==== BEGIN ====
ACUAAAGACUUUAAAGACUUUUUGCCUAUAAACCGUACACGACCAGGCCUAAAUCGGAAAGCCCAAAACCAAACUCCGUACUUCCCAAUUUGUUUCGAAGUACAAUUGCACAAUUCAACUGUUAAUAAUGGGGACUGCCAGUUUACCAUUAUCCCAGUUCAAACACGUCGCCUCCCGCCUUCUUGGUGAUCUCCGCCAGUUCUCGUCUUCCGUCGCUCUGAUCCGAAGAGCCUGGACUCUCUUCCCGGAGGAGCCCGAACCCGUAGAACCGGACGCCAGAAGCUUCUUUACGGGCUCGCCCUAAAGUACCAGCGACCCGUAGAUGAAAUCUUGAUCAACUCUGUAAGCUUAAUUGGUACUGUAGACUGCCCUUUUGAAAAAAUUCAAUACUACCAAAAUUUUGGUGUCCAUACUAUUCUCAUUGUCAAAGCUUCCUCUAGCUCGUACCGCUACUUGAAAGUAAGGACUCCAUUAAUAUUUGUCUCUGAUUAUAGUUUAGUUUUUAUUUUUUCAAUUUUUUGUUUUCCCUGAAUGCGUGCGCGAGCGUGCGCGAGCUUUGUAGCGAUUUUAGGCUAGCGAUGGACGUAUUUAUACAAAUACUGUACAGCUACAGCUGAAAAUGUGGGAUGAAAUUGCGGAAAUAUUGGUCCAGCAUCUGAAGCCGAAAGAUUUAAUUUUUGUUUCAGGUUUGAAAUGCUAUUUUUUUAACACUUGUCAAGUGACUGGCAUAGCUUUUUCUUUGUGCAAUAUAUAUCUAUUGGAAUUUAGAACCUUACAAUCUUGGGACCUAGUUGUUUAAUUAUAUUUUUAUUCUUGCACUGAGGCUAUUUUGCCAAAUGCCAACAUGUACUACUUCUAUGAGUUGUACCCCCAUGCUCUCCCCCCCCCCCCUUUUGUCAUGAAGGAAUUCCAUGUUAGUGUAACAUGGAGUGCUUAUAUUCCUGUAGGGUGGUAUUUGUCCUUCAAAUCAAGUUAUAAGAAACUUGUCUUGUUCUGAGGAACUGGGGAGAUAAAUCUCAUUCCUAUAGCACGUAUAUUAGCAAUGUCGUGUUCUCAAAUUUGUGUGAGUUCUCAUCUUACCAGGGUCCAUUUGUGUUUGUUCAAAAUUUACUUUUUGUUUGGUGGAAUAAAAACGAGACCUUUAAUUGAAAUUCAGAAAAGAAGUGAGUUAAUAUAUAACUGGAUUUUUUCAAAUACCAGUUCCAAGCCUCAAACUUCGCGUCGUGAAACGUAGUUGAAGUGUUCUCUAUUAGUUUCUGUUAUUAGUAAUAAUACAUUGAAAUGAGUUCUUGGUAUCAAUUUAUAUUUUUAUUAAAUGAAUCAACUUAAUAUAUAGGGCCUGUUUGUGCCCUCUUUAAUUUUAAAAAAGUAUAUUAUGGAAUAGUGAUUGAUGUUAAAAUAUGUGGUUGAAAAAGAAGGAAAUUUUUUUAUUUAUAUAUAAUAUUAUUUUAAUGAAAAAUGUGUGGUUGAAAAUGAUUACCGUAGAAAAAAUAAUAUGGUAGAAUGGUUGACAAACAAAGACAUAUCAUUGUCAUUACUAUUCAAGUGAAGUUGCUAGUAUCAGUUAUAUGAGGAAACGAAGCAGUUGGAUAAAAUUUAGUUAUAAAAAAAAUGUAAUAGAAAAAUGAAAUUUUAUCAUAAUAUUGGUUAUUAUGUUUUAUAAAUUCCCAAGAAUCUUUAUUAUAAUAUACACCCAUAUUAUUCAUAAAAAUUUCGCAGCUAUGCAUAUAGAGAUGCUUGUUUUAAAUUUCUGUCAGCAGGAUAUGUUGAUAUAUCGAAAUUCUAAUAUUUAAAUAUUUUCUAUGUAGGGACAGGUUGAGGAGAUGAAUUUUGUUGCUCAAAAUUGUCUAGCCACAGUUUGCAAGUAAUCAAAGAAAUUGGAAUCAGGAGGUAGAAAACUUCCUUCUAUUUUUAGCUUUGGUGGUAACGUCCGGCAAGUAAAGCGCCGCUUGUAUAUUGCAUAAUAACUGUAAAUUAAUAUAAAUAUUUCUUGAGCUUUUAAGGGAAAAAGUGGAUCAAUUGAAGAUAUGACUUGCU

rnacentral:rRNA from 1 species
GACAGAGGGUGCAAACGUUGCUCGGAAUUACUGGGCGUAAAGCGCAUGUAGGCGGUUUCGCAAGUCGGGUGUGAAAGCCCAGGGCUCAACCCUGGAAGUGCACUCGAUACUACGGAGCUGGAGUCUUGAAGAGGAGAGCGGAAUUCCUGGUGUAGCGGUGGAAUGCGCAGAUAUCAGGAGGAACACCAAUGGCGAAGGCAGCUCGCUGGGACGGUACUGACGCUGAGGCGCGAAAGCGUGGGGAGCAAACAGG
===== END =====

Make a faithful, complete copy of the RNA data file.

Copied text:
ACUAAAGACUUUAAAGACUUUUUGCCUAUAAACCGUACACGACCAGGCCUAAAUCGGAAAGCCCAAAACCAAACUCCGUACUUCCCAAUUUGUUUCGAAGUACAAUUGCACAAUUCAACUGUUAAUAAUGGGGACUGCCAGUUUACCAUUAUCCCAGUUCAAACACGUCGCCUCCCGCCUUCUUGGUGAUCUCCGCCAGUUCUCGUCUUCCGUCGCUCUGAUCCGAAGAGCCUGGACUCUCUUCCCGGAGGAGCCCGAACCCGUAGAACCGGACGCCAGAAGCUUCUUUACGGGCUCGCCCUAAAGUACCAGCGACCCGUAGAUGAAAUCUUGAUCAACUCUGUAAGCUUAAUUGGUACUGUAGACUGCCCUUUUGAAAAAAUUCAAUACUACCAAAAUUUUGGUGUCCAUACUAUUCUCAUUGUCAAAGCUUCCUCUAGCUCGUACCGCUACUUGAAAGUAAGGACUCCAUUAAUAUUUGUCUCUGAUUAUAGUUUAGUUUUUAUUUUUUCAAUUUUUUGUUUUCCCUGAAUGCGUGCGCGAGCGUGCGCGAGCUUUGUAGCGAUUUUAGGCUAGCGAUGGACGUAUUUAUACAAAUACUGUACAGCUACAGCUGAAAAUGUGGGAUGAAAUUGCGGAAAUAUUGGUCCAGCAUCUGAAGCCGAAAGAUUUAAUUUUUGUUUCAGGUUUGAAAUGCUAUUUUUUUAACACUUGUCAAGUGACUGGCAUAGCUUUUUCUUUGUGCAAUAUAUAUCUAUUGGAAUUUAGAACCUUACAAUCUUGGGACCUAGUUGUUUAAUUAUAUUUUUAUUCUUGCACUGAGGCUAUUUUGCCAAAUGCCAACAUGUACUACUUCUAUGAGUUGUACCCCCAUGCUCUCCCCCCCCCCCCUUUUGUCAUGAAGGAAUUCCAUGUUAGUGUAACAUGGAGUGCUUAUAUUCCUGUAGGGUGGUAUUUGUCCUUCAAAUCAAGUUAUAAGAAACUUGUCUUGUUCUGAGGAACUGGGGAGAUAAAUCUCAUUCCUAUAGCACGUAUAUUAGCAAUGUCGUGUUCUCAAAUUUGUGUGAGUUCUCAUCUUACCAGGGUCCAUUUGUGUUUGUUCAAAAUUUACUUUUUGUUUGGUGGAAUAAAAACGAGACCUUUAAUUGAAAUUCAGAAAAGAAGUGAGUUAAUAUAUAACUGGAUUUUUUCAAAUACCAGUUCCAAGCCUCAAACUUCGCGUCGUGAAACGUAGUUGAAGUGUUCUCUAUUAGUUUCUGUUAUUAGUAAUAAUACAUUGAAAUGAGUUCUUGGUAUCAAUUUAUAUUUUUAUUAAAUGAAUCAACUUAAUAUAUAGGGCCUGUUUGUGCCCUCUUUAAUUUUAAAAAAGUAUAUUAUGGAAUAGUGAUUGAUGUUAAAAUAUGUGGUUGAAAAAGAAGGAAAUUUUUUUAUUUAUAUAUAAUAUUAUUUUAAUGAAAAAUGUGUGGUUGAAAAUGAUUACCGUAGAAAAAAUAAUAUGGUAGAAUGGUUGACAAACAAAGACAUAUCAUUGUCAUUACUAUUCAAGUGAAGUUGCUAGUAUCAGUUAUAUGAGGAAACGAAGCAGUUGGAUAAAAUUUAGUUAUAAAAAAAAUGUAAUAGAAAAAUGAAAUUUUAUCAUAAUAUUGGUUAUUAUGUUUUAUAAAUUCCCAAGAAUCUUUAUUAUAAUAUACACCCAUAUUAUUCAUAAAAAUUUCGCAGCUAUGCAUAUAGAGAUGCUUGUUUUAAAUUUCUGUCAGCAGGAUAUGUUGAUAUAUCGAAAUUCUAAUAUUUAAAUAUUUUCUAUGUAGGGACAGGUUGAGGAGAUGAAUUUUGUUGCUCAAAAUUGUCUAGCCACAGUUUGCAAGUAAUCAAAGAAAUUGGAAUCAGGAGGUAGAAAACUUCCUUCUAUUUUUAGCUUUGGUGGUAACGUCCGGCAAGUAAAGCGCCGCUUGUAUAUUGCAUAAUAACUGUAAAUUAAUAUAAAUAUUUCUUGAGCUUUUAAGGGAAAAAGUGGAUCAAUUGAAGAUAUGACUUGCU

rnacentral:rRNA from 1 species
GACAGAGGGUGCAAACGUUGCUCGGAAUUACUGGGCGUAAAGCGCAUGUAGGCGGUUUCGCAAGUCGGGUGUGAAAGCCCAGGGCUCAACCCUGGAAGUGCACUCGAUACUACGGAGCUGGAGUCUUGAAGAGGAGAGCGGAAUUCCUGGUGUAGCGGUGGAAUGCGCAGAUAUCAGGAGGAACACCAAUGGCGAAGGCAGCUCGCUGGGACGGUACUGACGCUGAGGCGCGAAAGCGUGGGGAGCAAACAGG